The shift in sounds between Stage 2 and 3 is significantly less abrupt than the transition from Stage 1, and somehow that makes the music even more unnerving. Melodies and harmonies are still present, the deterioration is still apparent even from the first track, as the music seems downright sinister at times, and Kirby utilizes extensive use of reverb to make the music seem even more distant. If you are interested in seeing just how far the music has deteriorated by this point, listen to Russ Morgan’s “Moonlight and Shadows,” “Childishly Fresh Eyes” from Stage 1, and “Back There Benjamin,” the opening track for this Stage. More tracks end abruptly, and some have their endings drawn out for longer than seemingly necessary. Interestingly, Kirby also seems to begin mixing multiple songs into a single track, creating a more confused atmosphere. The deterioration is much less subtle than in previous Stages, with the decline being more dramatic and observable from one track to the next. While a sense of some sort of discernable melody and harmony is maintained throughout the Stage, Kirby continually makes it difficult for the listener to discern what instrument is playing what notes, or what piece is being sampled, and some parts of the latter part of this stage feel increasingly fragmented, like they are jumping around or trying desperately to search for something, most notably with “Burning Despair Does Ache.” Some of the tracks disintegrate to the point that pieces such as “Internal Bewildered World,” “Aching Cavern Without Lucidity” and “Libet Delay” hardly have this sense of melody, and disturbingly foreshadowing the upcoming stages, even Stage 6. By this point, it is clear the warm nostalgia of the ballroom days of yore is gone, and replaced with something haunting, terrifying, with the worst still yet to come.
Post-Awareness Stage 4 is where serenity and the ability to recall singular memories gives way to confusions and horror. It’s the beginning of an eventual process where all memories begin to become more fluid through entanglements, repetition and rupture.
This is where things truly begin to spiral out of control. Although some reviewers see Stage 3 as where things truly start to unravel , the shift between that part of the project and this one is perhaps the most jarring of “Everywhere at the End of Time.” Instead of the relatively short pieces of music that had recognizable melodies and harmonies in even the latter parts of Stage 3, the listener is assaulted by a wall of harsh noise presented in tracks no less than 20 minutes in length. While it seems like there are bits and pieces of the previous samples thrown together, they are so distorted that any attempt to connect them to the previous stages is an exercise in futility. In this cacophony, there are rare glimpses of melodic fragments that the audience longs so badly to maintain a hold of, but these moments are brief and quickly fade back into the noise. Something to note about Kibry’s comment of “fluidity,” is that while the tracks from the first three Stages are clearly distinct from each other, with Stages 4-6 there is little discernible difference between each piece, and they sometimes flow together seamlessly, although not necessarily in a clear segue like with Pink Floyd’s “Dark Side of the Moon” or “ The Wall.” Some of the music takes a break from the cacophony to foreshadow the utter emptiness of Stage 6, particularly in “Stage 4 Temporary Bliss State” and “Stage 4 Post Awareness Confusions (3)” although not to the extent of the later parts of the project. Something interesting that I noticed from my personal experience listening to this stage is that when I listen to the end of “Stage 4 Post Awareness Confusions (3),” my brain somehow fills in the gaps between the drones with music that is simply not there. I’m not sure if there is anything to this or if my experience is unique, but I found it interesting enough to mention.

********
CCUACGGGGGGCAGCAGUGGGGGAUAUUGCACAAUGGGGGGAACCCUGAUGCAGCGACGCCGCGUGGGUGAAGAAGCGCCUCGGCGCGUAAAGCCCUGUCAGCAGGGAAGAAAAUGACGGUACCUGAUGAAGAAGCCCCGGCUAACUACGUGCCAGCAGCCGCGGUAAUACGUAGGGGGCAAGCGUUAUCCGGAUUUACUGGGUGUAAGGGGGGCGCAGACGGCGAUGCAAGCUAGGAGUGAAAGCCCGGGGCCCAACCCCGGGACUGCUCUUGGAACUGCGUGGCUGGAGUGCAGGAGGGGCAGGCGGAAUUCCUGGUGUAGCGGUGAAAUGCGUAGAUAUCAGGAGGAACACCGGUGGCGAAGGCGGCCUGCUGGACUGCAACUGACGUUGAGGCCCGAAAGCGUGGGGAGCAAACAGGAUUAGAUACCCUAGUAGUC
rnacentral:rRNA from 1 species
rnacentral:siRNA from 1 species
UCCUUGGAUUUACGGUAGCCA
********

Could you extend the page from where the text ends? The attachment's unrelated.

Post-Awareness Stage 5 confusions and horror. More extreme entanglements, repetition and rupture can give way to calmer moments. The unfamiliar may sound and feel familiar.
Time is often spent only in the moment leading to isolation.